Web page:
Another story tells of God hearing his people crying out in fear against a pursuing army. God hears and takes action. When his people awake the next morning, they find that the opposing army is looking at the streams surrounding the hillside and becoming terrified because the water "appears to them as blood." They freak and run, and the Israelites are saved. They did not lift a hand, did not shed a drop of blood in the process.

The Old Testament also tells many stories about God "hardening" and "softening" hearts, as in the days of Pharaoh and King Nebuchadnezzar, when he caused leaders to reject the obvious to their own peril or show great compassion leading to miraculous freedom.

War reminds us of the depravity of human nature when it is left unchecked. It also reminds us how quickly we as humans forget that God is all-powerful and that the hearts of individuals, government leaders, and military commanders are ultimately subject to him. In working to undo the effects of violence or helping to facilitate the healing process, it is tempting to forget that reconciliation can only happen when God reaches down and touches lives. Any of our efforts apart from the work of God will be flawed and inadequate.

The Apostle Paul, no stranger to violence, spent his early years as a religious leader, killing off Christians. He did this in the full belief that he was doing the will of God - until God met him on the road to Damascus and informed him otherwise. Paul did a 180 and spent the rest of his life being persecuted as a follower of Christ. In his letter to the church in Ephesus, he exhorts that the church accept this persecution, and reminds his fellow believers, "Our struggle is not against flesh and blood...but against the spiritual forces of evil." In other words, "If it bleeds, it's not your enemy."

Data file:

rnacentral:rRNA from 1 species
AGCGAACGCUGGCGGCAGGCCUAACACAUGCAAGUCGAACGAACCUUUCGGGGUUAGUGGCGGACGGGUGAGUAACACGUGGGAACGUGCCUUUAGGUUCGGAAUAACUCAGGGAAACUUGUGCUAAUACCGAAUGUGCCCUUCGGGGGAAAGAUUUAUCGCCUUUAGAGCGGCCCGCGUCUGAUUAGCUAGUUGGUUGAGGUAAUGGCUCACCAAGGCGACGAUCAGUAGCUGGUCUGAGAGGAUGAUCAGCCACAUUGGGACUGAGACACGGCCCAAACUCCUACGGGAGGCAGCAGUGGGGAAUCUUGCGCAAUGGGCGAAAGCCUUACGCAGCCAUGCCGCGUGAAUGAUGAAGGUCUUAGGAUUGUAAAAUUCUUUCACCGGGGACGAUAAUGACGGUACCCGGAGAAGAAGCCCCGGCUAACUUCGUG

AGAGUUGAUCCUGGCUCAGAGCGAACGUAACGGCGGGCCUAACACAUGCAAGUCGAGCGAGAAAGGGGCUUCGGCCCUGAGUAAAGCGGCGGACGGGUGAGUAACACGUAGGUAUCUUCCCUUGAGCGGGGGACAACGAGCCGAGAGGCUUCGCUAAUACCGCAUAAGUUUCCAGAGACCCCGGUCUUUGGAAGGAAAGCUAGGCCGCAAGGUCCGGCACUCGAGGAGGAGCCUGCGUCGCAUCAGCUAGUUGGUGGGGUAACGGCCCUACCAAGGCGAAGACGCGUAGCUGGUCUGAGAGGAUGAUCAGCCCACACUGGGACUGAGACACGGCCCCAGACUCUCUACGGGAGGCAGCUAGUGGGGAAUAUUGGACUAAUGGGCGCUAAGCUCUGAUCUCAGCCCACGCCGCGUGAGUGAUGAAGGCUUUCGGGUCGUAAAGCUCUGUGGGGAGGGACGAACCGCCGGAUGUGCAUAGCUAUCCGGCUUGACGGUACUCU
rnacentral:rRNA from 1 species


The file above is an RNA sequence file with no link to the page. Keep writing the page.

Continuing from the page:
If we are going to "get in the way" of violence, we have to remember that our enemy is not one made of flesh and blood. We also have to remember that the only way to stop cyclical, systemic violence is through God reaching down and changing hearts. Over the last several days, as our team visited families and villages tucked away in the mountains along the Iranian border, we heard stories of how violence brought about by bombs, land mines, guns and forced displacement had forever changed the lives of the mountain people. They long for a day when they can walk outside their house to a plot of farmland instead of a fenced off field of land mines. They long for a day when they can leave a camp for Internally Displaced Persons (IDPs) and go home without fear that any house they build or produce they grow will be destroyed by another set of bombings. They long for a day when it is not their people (the Kurds) vs. other people - when it is simply their people being allowed to carve out a life for themselves without the ever-constant threat of violence.

The situation here is complicated. It involves a conglomerate of ethnicities, national boundaries, religions, languages, political parties, economic challenges, urban vs. rural discrepancies and distrust between everyone. But let us not think that the situation is beyond the hand of our Almighty God. Maybe he doesn't want us to be able to boast "that our own strength has saved us." Maybe He is waiting for us to open our hands, surrender all the pieces, and be willing to respond to his creative resolution with a faith that maintains the nonviolent consistency of Jesus.

by: Tiffany Aurora